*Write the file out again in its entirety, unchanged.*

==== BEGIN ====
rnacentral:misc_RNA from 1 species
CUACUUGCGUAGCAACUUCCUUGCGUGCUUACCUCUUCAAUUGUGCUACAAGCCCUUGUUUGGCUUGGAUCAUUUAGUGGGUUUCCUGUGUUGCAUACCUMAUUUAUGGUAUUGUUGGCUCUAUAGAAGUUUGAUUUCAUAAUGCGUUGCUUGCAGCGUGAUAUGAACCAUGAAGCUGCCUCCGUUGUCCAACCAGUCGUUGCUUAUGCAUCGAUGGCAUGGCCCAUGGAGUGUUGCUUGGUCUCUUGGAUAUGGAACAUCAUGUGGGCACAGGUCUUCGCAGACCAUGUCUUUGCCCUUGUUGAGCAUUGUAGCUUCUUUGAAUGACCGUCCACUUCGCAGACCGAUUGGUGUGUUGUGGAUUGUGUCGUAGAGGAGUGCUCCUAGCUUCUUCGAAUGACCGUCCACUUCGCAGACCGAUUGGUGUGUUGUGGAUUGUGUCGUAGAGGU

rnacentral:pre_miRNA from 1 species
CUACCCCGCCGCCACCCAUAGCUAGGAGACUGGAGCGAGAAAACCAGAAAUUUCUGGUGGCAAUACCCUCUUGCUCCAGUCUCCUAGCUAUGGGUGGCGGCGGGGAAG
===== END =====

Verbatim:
rnacentral:misc_RNA from 1 species
CUACUUGCGUAGCAACUUCCUUGCGUGCUUACCUCUUCAAUUGUGCUACAAGCCCUUGUUUGGCUUGGAUCAUUUAGUGGGUUUCCUGUGUUGCAUACCUMAUUUAUGGUAUUGUUGGCUCUAUAGAAGUUUGAUUUCAUAAUGCGUUGCUUGCAGCGUGAUAUGAACCAUGAAGCUGCCUCCGUUGUCCAACCAGUCGUUGCUUAUGCAUCGAUGGCAUGGCCCAUGGAGUGUUGCUUGGUCUCUUGGAUAUGGAACAUCAUGUGGGCACAGGUCUUCGCAGACCAUGUCUUUGCCCUUGUUGAGCAUUGUAGCUUCUUUGAAUGACCGUCCACUUCGCAGACCGAUUGGUGUGUUGUGGAUUGUGUCGUAGAGGAGUGCUCCUAGCUUCUUCGAAUGACCGUCCACUUCGCAGACCGAUUGGUGUGUUGUGGAUUGUGUCGUAGAGGU

rnacentral:pre_miRNA from 1 species
CUACCCCGCCGCCACCCAUAGCUAGGAGACUGGAGCGAGAAAACCAGAAAUUUCUGGUGGCAAUACCCUCUUGCUCCAGUCUCCUAGCUAUGGGUGGCGGCGGGGAAG